|Title:||The Savage Seven|
|04.25.06||Rolling Roadshow||This Screening is part of event: Best of QT Fest|
So the whole thing with today is that the air guitar stuff was going on at the downtown alamo tonight so QT fest had to be moved somewhere else. Yes, Tarantino was redirected because of air guitar. You might think that's ridiculous but once you go to one you will completely see the logic there. So instead of calling it off, they decided to make it an outdoor event. This way, they didn't have to worry about selling the venue out so anyone that wanted to come and experience the QTfest vibe could. The only problem is that a huge thunderstorm was due and the whole day was overcast and threatening rain. At 3:45, they took weather.com's 60% chance of rain to mean that we're dodging the storm and the show was on way the hell out in this place called The Glenn. The rain contingency was to play the movies at South Lamar, which would've been weird because they would have had to set up two theaters, but to be honest that didn't sound like such a bad idea... at least it would be in a theater... so anyway, since it's so far out of town lots of people who flew into town needed rides. I left my place at 6 and the sky to the north was black. Things did not look too good. I brought an umbrella along with my lawn chair.
So I picked up this guy Matt and we went out there and they wouldn't allow chairs in the place and I didn't bring a blanket or anything so I was pretty much screwed. The venue's actually pretty weird. It's similar to the Stubb's outdoor area except it's a sort-of grassy lawn instead of all dirt... and there are booths for drinks and stuff but it's in the middle of this shopping center, like we parked in the Best Buy lot which was right across the street... but inside the gate it's a lawn sloping down to a stage and for tonight the Alamo's rolling roadshow inflatable movie screen.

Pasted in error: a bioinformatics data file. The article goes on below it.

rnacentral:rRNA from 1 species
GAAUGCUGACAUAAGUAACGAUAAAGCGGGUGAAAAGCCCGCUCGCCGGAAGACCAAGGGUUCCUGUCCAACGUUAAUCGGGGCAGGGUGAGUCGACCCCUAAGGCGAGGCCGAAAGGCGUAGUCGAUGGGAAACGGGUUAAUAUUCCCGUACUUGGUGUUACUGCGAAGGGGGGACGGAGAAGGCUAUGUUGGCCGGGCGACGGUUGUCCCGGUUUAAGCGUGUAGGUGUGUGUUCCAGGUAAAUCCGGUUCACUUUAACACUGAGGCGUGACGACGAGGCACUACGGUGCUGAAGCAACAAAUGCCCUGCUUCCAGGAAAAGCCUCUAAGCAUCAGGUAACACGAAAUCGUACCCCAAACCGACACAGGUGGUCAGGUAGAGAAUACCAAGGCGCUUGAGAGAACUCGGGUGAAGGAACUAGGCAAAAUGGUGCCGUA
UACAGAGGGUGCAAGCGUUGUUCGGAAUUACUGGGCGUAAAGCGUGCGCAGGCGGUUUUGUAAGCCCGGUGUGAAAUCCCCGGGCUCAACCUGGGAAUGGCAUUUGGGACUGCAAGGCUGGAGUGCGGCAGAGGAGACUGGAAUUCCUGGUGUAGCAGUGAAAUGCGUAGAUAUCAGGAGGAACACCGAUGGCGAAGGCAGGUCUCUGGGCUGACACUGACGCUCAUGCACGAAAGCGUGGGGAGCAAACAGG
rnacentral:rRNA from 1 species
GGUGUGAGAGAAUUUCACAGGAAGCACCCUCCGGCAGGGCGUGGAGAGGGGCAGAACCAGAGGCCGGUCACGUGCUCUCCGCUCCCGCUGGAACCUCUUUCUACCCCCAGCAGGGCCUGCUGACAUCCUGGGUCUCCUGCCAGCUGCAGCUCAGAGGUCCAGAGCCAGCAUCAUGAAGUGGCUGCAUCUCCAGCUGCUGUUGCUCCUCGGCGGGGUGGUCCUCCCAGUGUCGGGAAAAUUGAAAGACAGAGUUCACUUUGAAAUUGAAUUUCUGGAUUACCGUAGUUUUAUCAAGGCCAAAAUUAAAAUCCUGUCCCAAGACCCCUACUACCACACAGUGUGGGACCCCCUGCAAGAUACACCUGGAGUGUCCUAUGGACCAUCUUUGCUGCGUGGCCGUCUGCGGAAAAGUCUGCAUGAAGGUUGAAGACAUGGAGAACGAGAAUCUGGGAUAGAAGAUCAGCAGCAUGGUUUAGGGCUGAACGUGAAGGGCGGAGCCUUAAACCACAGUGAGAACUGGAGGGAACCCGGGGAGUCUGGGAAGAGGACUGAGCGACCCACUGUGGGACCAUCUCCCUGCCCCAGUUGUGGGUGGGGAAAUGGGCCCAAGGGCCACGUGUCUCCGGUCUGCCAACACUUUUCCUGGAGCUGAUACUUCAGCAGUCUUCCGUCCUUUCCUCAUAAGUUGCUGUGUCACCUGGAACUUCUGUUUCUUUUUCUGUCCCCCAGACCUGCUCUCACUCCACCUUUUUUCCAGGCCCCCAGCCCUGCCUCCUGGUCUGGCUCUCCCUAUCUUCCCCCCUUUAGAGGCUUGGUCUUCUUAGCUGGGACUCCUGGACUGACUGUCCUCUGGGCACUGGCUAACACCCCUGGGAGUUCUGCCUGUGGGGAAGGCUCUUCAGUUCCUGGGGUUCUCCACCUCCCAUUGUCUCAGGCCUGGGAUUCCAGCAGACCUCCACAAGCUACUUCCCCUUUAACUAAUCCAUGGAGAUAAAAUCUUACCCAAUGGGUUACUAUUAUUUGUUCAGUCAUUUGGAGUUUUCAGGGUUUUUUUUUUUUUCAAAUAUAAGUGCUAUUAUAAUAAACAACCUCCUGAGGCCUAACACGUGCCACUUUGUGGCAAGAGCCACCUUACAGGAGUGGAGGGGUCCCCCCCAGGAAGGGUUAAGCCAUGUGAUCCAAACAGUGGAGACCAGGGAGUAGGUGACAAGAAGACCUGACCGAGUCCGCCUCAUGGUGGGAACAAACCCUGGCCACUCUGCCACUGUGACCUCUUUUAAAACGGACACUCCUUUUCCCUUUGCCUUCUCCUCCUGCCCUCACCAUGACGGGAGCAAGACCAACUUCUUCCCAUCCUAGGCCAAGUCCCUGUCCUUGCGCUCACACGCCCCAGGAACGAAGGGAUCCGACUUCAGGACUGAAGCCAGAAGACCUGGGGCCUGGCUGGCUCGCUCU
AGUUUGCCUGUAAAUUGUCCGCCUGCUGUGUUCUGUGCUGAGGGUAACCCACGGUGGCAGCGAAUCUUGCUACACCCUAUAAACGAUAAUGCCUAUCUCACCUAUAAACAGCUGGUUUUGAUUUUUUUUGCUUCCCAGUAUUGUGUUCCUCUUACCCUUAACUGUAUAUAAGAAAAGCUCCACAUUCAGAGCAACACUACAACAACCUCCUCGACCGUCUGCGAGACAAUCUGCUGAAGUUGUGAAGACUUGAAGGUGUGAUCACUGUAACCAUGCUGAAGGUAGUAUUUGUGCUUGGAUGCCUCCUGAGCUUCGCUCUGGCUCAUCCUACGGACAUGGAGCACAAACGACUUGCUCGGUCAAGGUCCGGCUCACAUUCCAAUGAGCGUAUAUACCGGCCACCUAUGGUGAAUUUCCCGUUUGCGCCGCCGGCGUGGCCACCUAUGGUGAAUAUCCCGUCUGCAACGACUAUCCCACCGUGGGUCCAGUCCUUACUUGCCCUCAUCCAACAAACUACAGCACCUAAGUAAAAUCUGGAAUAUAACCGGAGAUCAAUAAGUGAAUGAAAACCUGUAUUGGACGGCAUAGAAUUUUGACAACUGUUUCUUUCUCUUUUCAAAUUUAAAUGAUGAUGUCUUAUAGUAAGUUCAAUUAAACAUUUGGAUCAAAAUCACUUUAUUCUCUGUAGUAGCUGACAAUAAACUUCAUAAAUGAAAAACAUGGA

Pretty much as soon as we got there it began to sprinkle a bit and the wind picked up and they had to take down the screen. I was sure they were gonna cancel it right then and there but there was no official announcement or anything and more and more people started showing up. We staked out a series of rocks to sit on at the back of the field... this really wasn't ideal because the rocks were uncomfortable and we couldn't help but hear everyone walking and talking behind us... It also got downright chilly and me in my shorts was pretty much as unprepared as I could be. No blanket, no pants, no socks... it kinda sucked.
it still wasn't raining though so Louis Black got up and talked for a bit about how great we all are then introduced Quentin and he gave a rousing introduction to the first movie. Tonight's double feature is a recreation of the very first night of QT1... without the midnight feature. So it's like two thirds of the first ever night of QTfest... but also outside almost as if we were in a drive-in... and he showed this film on 16mm way back then and now has a pretty good 35mm print of it, so we've upgraded in that sense too.
And to also sort of top it off, the stunt coordinator for this movie was in attendance. He didn't get up or anything but I saw him come in. This is a pretty cool thing because in this movie, much like a lot (if not most or all) biker movies, at some point it becomes very clear that the stuntment take complete control of the movie. I don't think I've seen a biker movie with a massive end brawl that hasn't degenerated into one stunt after another, making almost no sense in relation to the movie but complete sense when you picture these guys trying to prove who's the craziest guy out there over and over. Guys jumping off buildings, falling off bikes, setting on fire... everything in the stuntman's handbook invariably gets thrown into every good biker movie. If it doesn't, then it's not a good biker movie.